In terms of moral application, it is more likely Lot is used as an example of what happens when the Israelites interact too closely with the inhabitants of the land: they will have more of and impact on you than you will have on them.  The behavior of Lot’s daughters testify to that fact.  Lot and his daughters probably flee to the cave to protect themselves from the destruction that was taking place behind them or simply for shelter.  There is a verbal connection between this cave and the den of thieves of Jeremiah 7 and the gospels but there is no reason to make this connection here.  The identification of the daughters with those who only interpret the Law literally is somewhat arbitrary.  The lesson that is to be learned from the daughters is a moral lesson rather than a spiritual one.

Origen’s interpretation of the numbers three and four is likewise arbitrary. Origen justifies this type of interpretation by pointing to Galatians 4:24-31, where the Apostle Paul uses the story of Sarah and Hagar to illustrate the difference between those who try to remain with the Old Covenant after Christ has come and those who have embraced the New.  The difference between what Paul is doing and what Origen is doing is that Paul’s comments were not made in the course of preaching on the book of Genesis.  Paul was simply using the language of Genesis to illustrate a point he was presently trying to make.[3]  Paul also avoids trying to make every detail of the book of Genesis fit into the new narrative that he had created.  Although it is important to look for the spiritual level of interpretation, not every text was meant to speak about the things Origen would like them to speak about.

Origen’s methods for interpreting and appropriating the text of the Old Testament as Christian Scripture are much like the character of Lot in the story of Lot and his daughters: it is somewhere between the perfect and the doomed.  Origen rightly emphasizes the importance of the literal meaning of the text but his own interpretation of the literal meaning is often distorted by his training in Greek philosophy, by mistakes that were made in the Septuagint’s rendering of the Hebrew text, and by simple exegetical mistakes.  Origen rightly emphasizes that the Old Testament should be used to give moral guidance for Christians today but his commitment to this truth often led him to find lessons that are too far removed from the plain-sense meaning of the text.  In the same way, Origen rightly points out that the Old Testament contains truths that have only now become apparent through the coming of Christ. but this belief caused him to find teachings that may be true in themselves but are difficult to justify.  Like Lot’s wife, if our hearts become too attached to Origen’s exegesis we ourselves may end up sharing her fate and never move on to the mountains of insight actually intended by the Spirit.  But if we reject the spirit of Origen’s interpretation, we may end up like Lot’s daughters.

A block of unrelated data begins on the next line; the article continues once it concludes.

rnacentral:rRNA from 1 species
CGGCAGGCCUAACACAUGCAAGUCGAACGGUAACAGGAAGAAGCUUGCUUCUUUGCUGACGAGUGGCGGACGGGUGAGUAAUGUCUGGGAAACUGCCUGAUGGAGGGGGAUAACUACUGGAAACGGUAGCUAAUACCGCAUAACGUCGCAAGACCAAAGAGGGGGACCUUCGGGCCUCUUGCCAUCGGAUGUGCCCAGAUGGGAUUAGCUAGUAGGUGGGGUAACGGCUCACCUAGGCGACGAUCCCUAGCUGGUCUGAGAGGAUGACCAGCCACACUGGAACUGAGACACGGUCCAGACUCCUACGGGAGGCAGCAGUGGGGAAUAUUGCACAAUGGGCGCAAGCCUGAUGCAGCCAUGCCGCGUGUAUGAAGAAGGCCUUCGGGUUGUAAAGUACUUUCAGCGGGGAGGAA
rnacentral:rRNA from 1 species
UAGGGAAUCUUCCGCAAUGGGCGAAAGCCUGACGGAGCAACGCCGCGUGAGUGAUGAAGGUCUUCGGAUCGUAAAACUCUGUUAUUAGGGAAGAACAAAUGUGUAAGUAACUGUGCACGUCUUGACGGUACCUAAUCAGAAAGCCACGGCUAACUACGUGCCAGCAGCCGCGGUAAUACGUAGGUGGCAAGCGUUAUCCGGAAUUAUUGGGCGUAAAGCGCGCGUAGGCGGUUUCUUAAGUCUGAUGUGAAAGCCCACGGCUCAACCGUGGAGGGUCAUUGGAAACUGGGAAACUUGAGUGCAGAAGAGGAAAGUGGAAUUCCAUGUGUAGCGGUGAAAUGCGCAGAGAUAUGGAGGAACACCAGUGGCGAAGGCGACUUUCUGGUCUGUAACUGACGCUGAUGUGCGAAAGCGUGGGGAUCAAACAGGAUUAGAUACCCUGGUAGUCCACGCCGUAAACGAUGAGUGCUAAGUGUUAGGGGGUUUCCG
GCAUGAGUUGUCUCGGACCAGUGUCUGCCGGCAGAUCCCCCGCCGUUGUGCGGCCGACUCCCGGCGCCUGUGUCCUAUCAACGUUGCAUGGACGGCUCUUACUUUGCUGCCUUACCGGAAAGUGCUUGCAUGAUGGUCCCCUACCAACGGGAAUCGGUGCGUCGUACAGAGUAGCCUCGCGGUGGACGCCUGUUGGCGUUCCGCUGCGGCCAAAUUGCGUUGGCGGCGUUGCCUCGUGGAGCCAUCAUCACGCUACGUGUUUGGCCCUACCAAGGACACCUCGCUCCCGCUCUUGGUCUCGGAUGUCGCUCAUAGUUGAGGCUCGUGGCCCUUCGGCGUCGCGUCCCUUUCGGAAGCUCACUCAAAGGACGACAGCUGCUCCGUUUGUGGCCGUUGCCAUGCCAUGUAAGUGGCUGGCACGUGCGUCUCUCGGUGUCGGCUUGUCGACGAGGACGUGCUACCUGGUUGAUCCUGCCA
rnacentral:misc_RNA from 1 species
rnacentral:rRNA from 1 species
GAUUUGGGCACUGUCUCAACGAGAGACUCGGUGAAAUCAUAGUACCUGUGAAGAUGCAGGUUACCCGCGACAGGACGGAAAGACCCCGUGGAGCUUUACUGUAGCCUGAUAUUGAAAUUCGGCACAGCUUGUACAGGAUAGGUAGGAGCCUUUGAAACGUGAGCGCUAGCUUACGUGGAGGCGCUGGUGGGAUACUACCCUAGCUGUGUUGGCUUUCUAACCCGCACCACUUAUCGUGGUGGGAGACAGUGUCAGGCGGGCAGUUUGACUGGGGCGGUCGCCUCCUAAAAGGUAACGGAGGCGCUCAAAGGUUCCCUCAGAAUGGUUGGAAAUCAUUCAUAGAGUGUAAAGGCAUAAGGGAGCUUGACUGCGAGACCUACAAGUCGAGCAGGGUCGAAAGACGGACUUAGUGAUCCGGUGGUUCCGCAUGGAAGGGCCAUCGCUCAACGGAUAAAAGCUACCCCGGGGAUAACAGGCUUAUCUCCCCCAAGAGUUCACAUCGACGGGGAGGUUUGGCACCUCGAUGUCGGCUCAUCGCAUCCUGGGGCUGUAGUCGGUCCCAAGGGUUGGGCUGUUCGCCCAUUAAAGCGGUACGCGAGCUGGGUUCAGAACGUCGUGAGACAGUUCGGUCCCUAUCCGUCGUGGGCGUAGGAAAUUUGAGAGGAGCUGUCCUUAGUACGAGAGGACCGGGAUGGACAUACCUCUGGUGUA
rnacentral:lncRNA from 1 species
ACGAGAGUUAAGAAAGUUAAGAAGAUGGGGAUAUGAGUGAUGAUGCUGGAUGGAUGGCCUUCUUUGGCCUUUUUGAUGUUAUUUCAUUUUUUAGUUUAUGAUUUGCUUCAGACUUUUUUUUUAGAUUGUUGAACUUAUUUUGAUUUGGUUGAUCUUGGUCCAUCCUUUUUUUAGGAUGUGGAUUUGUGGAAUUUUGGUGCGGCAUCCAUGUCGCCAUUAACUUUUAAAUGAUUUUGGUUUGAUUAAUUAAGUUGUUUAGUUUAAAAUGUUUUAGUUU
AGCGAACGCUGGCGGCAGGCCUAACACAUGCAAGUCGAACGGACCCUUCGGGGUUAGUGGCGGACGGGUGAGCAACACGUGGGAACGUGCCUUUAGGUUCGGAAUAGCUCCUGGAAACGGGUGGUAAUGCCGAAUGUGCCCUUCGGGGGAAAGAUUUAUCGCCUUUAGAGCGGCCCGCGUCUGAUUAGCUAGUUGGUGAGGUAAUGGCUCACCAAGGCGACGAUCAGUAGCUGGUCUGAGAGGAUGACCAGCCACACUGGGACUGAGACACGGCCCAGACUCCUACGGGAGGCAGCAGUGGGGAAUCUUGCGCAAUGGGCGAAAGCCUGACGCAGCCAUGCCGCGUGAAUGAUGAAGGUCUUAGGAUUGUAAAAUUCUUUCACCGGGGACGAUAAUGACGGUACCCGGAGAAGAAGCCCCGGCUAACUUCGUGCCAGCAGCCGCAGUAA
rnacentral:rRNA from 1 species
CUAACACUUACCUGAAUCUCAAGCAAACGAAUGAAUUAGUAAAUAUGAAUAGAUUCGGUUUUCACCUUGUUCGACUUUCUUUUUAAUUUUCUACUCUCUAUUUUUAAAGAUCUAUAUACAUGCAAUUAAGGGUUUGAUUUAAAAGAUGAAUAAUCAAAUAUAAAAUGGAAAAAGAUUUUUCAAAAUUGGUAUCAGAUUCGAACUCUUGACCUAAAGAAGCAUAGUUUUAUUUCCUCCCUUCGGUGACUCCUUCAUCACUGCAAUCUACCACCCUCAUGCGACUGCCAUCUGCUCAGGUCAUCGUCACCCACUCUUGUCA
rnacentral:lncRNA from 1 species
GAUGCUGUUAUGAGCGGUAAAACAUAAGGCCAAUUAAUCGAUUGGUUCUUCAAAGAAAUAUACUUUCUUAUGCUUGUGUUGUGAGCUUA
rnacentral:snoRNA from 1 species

Nevertheless, Origen gives us great insight into how the text of the Old Testament speaks to the church today.  Moreover, he is an example for the church today because he never ceased to struggle to find meaning in the Old Testament for Christians.  Origen struggled with the text and would not let it go until he received a blessing; he kept on struggling until, through the text, he met face to face with God.  Origen is both a positive and negative example of what it means to appropriate the Old Testament as Christian Scripture.  So, when learning at his feet, the church should test everything, hold on to the good and avoid every kind of evil, and leave behind what is doomed and, in hope, move on toward what is perfect.

Mark Francois


[1] Origen, “Genesis Homily V,” 117-18.
[2] This is followed in the text by a fascinating note from Rufinus that explains that the identification of Lot with the law is legitimate because, even though the word for law in Latin is feminine, the word for law in Greek is masculine.
[3] Cf. James Barr, Holy Scripture: Canon, Authority, Criticism (Philadelphia: Westminster, 1983), 70. “The business of the New Testament is not primarily to tell what the Old Testament really means, but to declare a new substance which for the Old was not yet there, although it was understood that it had prophesied its future coming.  The task of the New Testament was not primarily to interpret the Old, but to interpret that new substance.  It is more correct to say that the Old Testament was used to interpret the situations and events of the New.  In spirt of the massive use of the Old Testament  and its network of meaning, the New Testament is more like creative literature than lie exegesis.”